By Contributor on February 19, 2013

By Debbie Barker

On Tuesday, Feb. 19, the U.S. Supreme Court is set to hear a case that should concern every small farmer and rural community in America.

The case, Bowman v. Monsanto Co., boils down to whether giant agrichemical companies can dominate the U.S. seed industry and prohibit farmers from replanting seeds harvested from patented crops owned by these corporations.

Farmers have been saving, buying, replanting and breeding seeds for centuries. Yet today, with patents in hand, huge corporations are prosecuting farmers for these age-old practices. Seeds, once a shared, renewable resource, are now being privatized and monopolized.

For example, today, Monsanto, DuPont and Syngenta control 53 percent of the global commercial seed market. This shift to commercialization, consolidation and control of seed ownership over the last few decades, enshrined by current patent law, has fundamentally changed farming in the United States.

Vernon Hugh Bowman’s case is illustrative of the extreme scope of control that today’s patent system gives to corporations. The 75-year-old Indiana farmer purchased and planted soybean seeds from a grain elevator. The seeds were sold as a mix of undifferentiated commodity seeds.

When Monsanto investigators found that some of the soybeans Bowman planted sprang from their proprietary seeds, the company sued him for patent infringement.

Bowman chose to fight. “It’s a simple matter of right and wrong,” he says.

Unfortunately, Bowman’s struggle is not unique. Monsanto has instituted thousands of “seed piracy matters” against farmers in at least 27 states. Under financial duress, many farmers who were accused of patent infringement, even when based on insubstantial evidence, were forced to settle out of court rather than face expensive and lengthy lawsuits to defend themselves. These settlements have resulted in farmers paying Monsanto tens of millions of dollars.

The Supreme Court ought to rule in favor of Bowman so that instead of farmers becoming modern-day serfs of agrichemical companies, they can regain traditional seed rights.

Debbie Barker is the international director of Center for Food Safety and project director of Save Our Seeds. She was the senior editor of a new report by the two groups entitled “Seed Giants vs. U.S. Farmers.” The groups have submitted an amicus brief to the Supreme Court in support of Vernon Bowman. Barker can be reached at pmproj@progressive.org.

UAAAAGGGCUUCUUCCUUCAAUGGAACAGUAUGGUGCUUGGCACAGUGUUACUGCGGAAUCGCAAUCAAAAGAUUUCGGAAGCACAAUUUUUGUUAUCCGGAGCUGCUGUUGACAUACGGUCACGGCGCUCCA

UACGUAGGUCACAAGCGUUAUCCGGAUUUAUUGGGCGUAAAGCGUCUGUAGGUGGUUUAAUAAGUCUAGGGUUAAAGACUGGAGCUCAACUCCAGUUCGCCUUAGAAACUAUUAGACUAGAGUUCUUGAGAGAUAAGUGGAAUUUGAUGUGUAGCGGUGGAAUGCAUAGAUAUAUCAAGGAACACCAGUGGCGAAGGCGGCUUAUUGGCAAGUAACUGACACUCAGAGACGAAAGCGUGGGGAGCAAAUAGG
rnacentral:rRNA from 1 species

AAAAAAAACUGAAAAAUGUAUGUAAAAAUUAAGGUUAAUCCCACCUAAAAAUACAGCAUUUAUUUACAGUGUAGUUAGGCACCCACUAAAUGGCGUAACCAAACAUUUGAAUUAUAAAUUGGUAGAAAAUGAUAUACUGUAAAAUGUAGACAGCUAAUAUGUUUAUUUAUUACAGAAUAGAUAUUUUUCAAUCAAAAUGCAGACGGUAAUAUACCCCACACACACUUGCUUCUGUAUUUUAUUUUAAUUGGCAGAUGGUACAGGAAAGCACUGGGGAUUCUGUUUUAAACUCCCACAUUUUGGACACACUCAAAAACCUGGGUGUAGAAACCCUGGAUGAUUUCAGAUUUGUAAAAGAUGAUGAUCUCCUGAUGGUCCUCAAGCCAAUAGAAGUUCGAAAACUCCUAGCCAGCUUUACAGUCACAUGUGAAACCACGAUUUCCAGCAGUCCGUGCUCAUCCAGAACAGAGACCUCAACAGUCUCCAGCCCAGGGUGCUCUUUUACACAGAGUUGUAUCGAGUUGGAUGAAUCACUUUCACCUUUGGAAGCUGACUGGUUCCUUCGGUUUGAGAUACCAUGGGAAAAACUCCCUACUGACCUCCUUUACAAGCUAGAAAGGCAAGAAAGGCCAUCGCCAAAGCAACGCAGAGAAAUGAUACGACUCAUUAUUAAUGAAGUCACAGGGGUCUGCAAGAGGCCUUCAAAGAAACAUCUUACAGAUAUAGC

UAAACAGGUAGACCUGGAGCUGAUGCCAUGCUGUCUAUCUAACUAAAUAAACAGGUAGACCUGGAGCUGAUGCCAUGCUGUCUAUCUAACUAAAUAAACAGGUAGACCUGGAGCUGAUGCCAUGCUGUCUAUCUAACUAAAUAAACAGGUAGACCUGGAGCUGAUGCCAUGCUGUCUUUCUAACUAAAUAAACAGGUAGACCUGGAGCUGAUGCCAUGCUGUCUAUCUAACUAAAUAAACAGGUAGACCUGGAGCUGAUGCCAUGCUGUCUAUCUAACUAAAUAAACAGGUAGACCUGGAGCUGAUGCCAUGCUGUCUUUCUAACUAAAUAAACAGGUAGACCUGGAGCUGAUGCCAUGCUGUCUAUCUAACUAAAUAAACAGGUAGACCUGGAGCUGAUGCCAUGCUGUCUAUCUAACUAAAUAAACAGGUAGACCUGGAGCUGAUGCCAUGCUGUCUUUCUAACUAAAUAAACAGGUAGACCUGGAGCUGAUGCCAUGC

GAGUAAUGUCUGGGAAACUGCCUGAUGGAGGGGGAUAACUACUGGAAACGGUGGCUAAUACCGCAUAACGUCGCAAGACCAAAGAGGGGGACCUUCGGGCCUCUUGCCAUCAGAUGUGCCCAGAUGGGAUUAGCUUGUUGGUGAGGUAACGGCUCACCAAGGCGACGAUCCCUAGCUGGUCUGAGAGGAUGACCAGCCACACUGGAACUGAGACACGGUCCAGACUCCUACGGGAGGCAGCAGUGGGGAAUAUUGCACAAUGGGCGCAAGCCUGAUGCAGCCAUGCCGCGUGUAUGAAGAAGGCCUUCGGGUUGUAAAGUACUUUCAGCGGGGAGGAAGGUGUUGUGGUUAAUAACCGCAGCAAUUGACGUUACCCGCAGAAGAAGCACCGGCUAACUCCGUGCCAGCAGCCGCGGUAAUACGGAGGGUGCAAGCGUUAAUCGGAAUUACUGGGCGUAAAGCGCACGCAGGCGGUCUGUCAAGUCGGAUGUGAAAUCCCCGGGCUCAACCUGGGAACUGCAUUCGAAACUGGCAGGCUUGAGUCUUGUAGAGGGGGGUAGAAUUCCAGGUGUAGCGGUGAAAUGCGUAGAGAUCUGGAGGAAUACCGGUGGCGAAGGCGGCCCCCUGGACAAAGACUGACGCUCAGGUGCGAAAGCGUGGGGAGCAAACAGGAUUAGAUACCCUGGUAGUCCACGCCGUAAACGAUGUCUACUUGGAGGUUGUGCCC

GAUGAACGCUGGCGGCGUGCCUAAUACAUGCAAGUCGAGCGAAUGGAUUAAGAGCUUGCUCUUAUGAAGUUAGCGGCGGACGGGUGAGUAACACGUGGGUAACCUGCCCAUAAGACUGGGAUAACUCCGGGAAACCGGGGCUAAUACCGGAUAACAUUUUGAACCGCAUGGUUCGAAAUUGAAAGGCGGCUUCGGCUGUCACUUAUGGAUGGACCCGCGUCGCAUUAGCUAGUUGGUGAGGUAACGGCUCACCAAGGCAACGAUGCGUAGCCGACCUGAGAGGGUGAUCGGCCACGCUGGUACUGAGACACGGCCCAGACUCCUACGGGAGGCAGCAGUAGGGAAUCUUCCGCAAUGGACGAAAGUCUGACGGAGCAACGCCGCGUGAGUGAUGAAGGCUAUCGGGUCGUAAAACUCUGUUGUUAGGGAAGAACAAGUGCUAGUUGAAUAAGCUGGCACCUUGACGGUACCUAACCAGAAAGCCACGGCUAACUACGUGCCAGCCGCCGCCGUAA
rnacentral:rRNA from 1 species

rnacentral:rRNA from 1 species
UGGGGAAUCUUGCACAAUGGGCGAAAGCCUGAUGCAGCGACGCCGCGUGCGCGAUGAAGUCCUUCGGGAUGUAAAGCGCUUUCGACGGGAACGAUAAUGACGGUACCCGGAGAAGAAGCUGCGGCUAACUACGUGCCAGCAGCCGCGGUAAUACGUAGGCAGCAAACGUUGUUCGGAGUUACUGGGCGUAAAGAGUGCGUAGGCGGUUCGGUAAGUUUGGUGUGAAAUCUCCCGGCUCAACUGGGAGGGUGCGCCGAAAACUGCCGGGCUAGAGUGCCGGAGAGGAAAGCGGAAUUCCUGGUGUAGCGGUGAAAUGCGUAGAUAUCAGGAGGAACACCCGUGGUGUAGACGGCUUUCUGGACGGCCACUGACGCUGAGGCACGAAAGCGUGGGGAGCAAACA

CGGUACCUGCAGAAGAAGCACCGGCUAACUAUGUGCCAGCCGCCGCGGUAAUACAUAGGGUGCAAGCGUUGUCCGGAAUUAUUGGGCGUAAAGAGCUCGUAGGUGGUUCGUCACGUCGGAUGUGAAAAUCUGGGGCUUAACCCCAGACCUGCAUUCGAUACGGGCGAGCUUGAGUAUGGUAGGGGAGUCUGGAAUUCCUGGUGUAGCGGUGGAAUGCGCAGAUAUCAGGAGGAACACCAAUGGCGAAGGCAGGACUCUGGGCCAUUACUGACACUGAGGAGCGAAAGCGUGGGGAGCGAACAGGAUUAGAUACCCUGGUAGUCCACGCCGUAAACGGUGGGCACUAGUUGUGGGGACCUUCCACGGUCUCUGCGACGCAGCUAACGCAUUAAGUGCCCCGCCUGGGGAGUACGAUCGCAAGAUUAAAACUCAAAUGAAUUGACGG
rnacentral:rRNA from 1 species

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By Wendell Berry

Manifesto: The Mad Farmer Liberation Front

Love the quick profit, the annual raise,
vacation with pay. Want more 
of everything ready made. Be afraid 
to know your neighbors and to die.
And you will have a window in your head.
Not even your future will be a mystery 
any more. Your mind will be punched in a card 
and shut away in a little drawer.
When they want you to buy something 
they will call you. When they want you
to die for profit they will let you know. 
So, friends, every day do something
that won’t compute. Love the Lord. 
Love the world. Work for nothing. 
Take all that you have and be poor.
Love someone who does not deserve it. 
Denounce the government and embrace 
the flag. Hope to live in that free 
republic for which it stands. 
Give your approval to all you cannot
understand. Praise ignorance, for what man 
has not encountered he has not destroyed.
Ask the questions that have no answers. 
Invest in the millennium. Plant sequoias.
Say that your main crop is the forest
that you did not plant,
that you will not live to harvest.


Say that the leaves are harvested 
when they have rotted into the mold.
Call that profit. Prophesy such returns.
Put your faith in the two inches of humus 
that will build under the trees
every thousand years.
Listen to carrion—put your ear
close, and hear the faint chattering
of the songs that are to come. 
Expect the end of the world. Laugh. 
Laughter is immeasurable. Be joyful
though you have considered all the facts. 
So long as women do not go cheap 
for power, please women more than men.
Ask yourself: Will this satisfy 
a woman satisfied to bear a child?
Will this disturb the sleep 
of a woman near to giving birth? 
Go with your love to the fields.
Lie easy in the shade. Rest your head 
in her lap. Swear allegiance 
to what is nighest your thoughts.
As soon as the generals and the politicos 
can predict the motions of your mind, 
lose it. Leave it as a sign 
to mark the false trail, the way 
you didn’t go. Be like the fox 
who makes more tracks than necessary, 
some in the wrong direction.
Practice resurrection.

Wendell Berry is a poet, farmer, and environmentalist in Kentucky. This poem, first published in 1973, is reprinted by permission of the author and appears in his “New Collected Poems” (Counterpoint).

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